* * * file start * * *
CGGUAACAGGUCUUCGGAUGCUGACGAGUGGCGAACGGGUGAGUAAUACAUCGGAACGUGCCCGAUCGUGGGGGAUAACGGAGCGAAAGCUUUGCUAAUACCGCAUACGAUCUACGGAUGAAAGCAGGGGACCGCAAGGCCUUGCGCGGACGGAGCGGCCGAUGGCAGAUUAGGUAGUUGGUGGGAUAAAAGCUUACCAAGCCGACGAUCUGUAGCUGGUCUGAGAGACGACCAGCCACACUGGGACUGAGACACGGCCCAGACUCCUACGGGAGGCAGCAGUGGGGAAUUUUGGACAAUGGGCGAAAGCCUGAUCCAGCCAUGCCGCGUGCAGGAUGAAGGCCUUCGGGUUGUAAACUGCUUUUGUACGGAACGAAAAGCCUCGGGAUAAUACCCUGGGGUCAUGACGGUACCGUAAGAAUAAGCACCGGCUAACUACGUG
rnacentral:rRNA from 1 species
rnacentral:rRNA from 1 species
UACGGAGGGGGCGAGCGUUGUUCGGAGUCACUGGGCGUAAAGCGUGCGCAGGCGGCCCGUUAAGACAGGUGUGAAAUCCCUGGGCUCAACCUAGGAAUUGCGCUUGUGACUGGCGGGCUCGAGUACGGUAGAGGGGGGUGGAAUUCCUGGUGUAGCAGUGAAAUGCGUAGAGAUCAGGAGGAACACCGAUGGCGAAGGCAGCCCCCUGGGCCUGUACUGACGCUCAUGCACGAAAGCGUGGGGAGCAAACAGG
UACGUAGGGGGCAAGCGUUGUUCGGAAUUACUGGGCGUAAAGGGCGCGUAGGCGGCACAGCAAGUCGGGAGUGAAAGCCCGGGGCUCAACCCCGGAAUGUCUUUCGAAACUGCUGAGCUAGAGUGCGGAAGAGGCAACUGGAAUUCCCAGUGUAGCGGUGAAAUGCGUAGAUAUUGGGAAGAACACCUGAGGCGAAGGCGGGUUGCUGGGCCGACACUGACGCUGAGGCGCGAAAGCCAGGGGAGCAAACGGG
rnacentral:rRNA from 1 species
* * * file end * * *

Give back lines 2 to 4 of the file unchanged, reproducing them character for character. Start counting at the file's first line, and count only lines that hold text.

rnacentral:rRNA from 1 species
rnacentral:rRNA from 1 species
UACGGAGGGGGCGAGCGUUGUUCGGAGUCACUGGGCGUAAAGCGUGCGCAGGCGGCCCGUUAAGACAGGUGUGAAAUCCCUGGGCUCAACCUAGGAAUUGCGCUUGUGACUGGCGGGCUCGAGUACGGUAGAGGGGGGUGGAAUUCCUGGUGUAGCAGUGAAAUGCGUAGAGAUCAGGAGGAACACCGAUGGCGAAGGCAGCCCCCUGGGCCUGUACUGACGCUCAUGCACGAAAGCGUGGGGAGCAAACAGG